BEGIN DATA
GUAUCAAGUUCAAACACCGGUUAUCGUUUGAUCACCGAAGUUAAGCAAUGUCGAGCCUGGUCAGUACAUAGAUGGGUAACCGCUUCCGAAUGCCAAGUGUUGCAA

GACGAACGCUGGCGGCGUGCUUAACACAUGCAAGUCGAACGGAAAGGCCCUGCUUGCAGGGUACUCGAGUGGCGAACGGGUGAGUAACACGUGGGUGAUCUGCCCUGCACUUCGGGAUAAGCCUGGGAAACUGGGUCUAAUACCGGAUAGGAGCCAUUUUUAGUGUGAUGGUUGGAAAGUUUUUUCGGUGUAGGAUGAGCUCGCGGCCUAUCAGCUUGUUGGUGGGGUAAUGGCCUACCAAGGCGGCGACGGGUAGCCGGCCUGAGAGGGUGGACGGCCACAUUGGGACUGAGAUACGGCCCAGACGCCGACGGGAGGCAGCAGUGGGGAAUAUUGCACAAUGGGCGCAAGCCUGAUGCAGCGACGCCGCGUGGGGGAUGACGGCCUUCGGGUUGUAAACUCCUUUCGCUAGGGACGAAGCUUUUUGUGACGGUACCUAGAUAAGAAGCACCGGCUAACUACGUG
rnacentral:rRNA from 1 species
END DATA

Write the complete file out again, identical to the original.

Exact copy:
GUAUCAAGUUCAAACACCGGUUAUCGUUUGAUCACCGAAGUUAAGCAAUGUCGAGCCUGGUCAGUACAUAGAUGGGUAACCGCUUCCGAAUGCCAAGUGUUGCAA

GACGAACGCUGGCGGCGUGCUUAACACAUGCAAGUCGAACGGAAAGGCCCUGCUUGCAGGGUACUCGAGUGGCGAACGGGUGAGUAACACGUGGGUGAUCUGCCCUGCACUUCGGGAUAAGCCUGGGAAACUGGGUCUAAUACCGGAUAGGAGCCAUUUUUAGUGUGAUGGUUGGAAAGUUUUUUCGGUGUAGGAUGAGCUCGCGGCCUAUCAGCUUGUUGGUGGGGUAAUGGCCUACCAAGGCGGCGACGGGUAGCCGGCCUGAGAGGGUGGACGGCCACAUUGGGACUGAGAUACGGCCCAGACGCCGACGGGAGGCAGCAGUGGGGAAUAUUGCACAAUGGGCGCAAGCCUGAUGCAGCGACGCCGCGUGGGGGAUGACGGCCUUCGGGUUGUAAACUCCUUUCGCUAGGGACGAAGCUUUUUGUGACGGUACCUAGAUAAGAAGCACCGGCUAACUACGUG
rnacentral:rRNA from 1 species